So that’s my conclusion. Is it really worth it? I’m not going to make any major statements until I actually get one for full testing, but I can’t say I’m overwhelmed with this camera at the moment. With the X100S, you’re paying for that amazing X-Trans sensor, and that wonderful hybrid viewfinder. With the RX1, you’re paying (a ridiculously large amount) for a stunning full-frame sensor in the body of a compact – as compact as the Coolpix A, in fact. With the Coolpix A, you’re paying quite a lot simply for the large sensor in a compact form. The sensor should be excellent, yes…but that’s all that I find special about this camera. So while it’s a good option if you can’t quite afford the X100S – the RX1 is out of the budget of many of us – at the moment, I’d recommend you save up the extra $200 and go for the Fuji, even though it’s a bit larger in size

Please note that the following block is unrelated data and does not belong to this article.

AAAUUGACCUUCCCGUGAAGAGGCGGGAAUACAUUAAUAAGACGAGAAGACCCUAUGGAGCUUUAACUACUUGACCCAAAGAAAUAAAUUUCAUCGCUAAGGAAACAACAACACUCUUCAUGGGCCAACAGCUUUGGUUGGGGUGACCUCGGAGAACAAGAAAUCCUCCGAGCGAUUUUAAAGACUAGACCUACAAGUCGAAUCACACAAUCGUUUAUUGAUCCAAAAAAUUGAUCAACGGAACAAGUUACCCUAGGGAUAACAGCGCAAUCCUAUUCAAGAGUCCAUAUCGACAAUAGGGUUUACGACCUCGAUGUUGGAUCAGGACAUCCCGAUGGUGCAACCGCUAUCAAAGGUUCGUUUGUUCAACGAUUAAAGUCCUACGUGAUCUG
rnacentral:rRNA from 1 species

I’ll try to get you a more comprehensive review of this camera as soon as possible, and there I can do away with my ifs and buts on the Coolpix A, but after checking this camera out for the first time, and after doing a bit of reading, that’s what I think about it. Good, not great. Decent value, but not superb value. Unfortunately, that’s typical of Nikon compacts, it seems

Pre-order the Nikon COOLPIX A from B&H Photo – Or get your Coolpix A on Amazon!

It’s up for pre-ordre now, so if you’re already convinced this is right for you, please use my links above to get one for yourself. Thanks!

Leave a comment if you have any thoughts, questions, or anything of the sort, on either the Nikon Coolpix A, or the Fuji X100S or the Sony RX1. Until next time